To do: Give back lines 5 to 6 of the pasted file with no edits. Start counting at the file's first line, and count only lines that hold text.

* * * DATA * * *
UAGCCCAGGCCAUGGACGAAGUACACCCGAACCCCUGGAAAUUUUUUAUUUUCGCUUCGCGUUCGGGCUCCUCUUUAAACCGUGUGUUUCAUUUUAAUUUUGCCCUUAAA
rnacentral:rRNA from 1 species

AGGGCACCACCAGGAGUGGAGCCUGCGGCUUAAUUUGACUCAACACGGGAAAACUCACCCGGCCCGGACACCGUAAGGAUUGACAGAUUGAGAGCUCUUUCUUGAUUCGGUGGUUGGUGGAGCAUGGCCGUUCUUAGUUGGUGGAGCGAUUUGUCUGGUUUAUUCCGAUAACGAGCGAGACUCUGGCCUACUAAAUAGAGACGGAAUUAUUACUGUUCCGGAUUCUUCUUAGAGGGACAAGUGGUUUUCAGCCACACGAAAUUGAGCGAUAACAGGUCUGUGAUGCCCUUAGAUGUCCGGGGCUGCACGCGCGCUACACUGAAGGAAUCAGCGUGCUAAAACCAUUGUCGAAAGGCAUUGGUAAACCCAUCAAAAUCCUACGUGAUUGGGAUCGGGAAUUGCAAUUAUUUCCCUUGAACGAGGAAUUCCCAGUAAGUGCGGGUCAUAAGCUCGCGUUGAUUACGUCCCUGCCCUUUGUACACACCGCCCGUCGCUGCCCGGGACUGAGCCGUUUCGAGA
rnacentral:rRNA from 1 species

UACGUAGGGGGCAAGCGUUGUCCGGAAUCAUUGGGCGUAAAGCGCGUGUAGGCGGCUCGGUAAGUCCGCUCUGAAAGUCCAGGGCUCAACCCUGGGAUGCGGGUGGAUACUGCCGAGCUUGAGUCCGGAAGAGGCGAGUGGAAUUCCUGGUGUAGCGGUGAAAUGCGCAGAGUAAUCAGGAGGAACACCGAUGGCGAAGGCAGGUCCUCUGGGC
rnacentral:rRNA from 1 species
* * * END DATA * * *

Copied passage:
UACGUAGGGGGCAAGCGUUGUCCGGAAUCAUUGGGCGUAAAGCGCGUGUAGGCGGCUCGGUAAGUCCGCUCUGAAAGUCCAGGGCUCAACCCUGGGAUGCGGGUGGAUACUGCCGAGCUUGAGUCCGGAAGAGGCGAGUGGAAUUCCUGGUGUAGCGGUGAAAUGCGCAGAGUAAUCAGGAGGAACACCGAUGGCGAAGGCAGGUCCUCUGGGC
rnacentral:rRNA from 1 species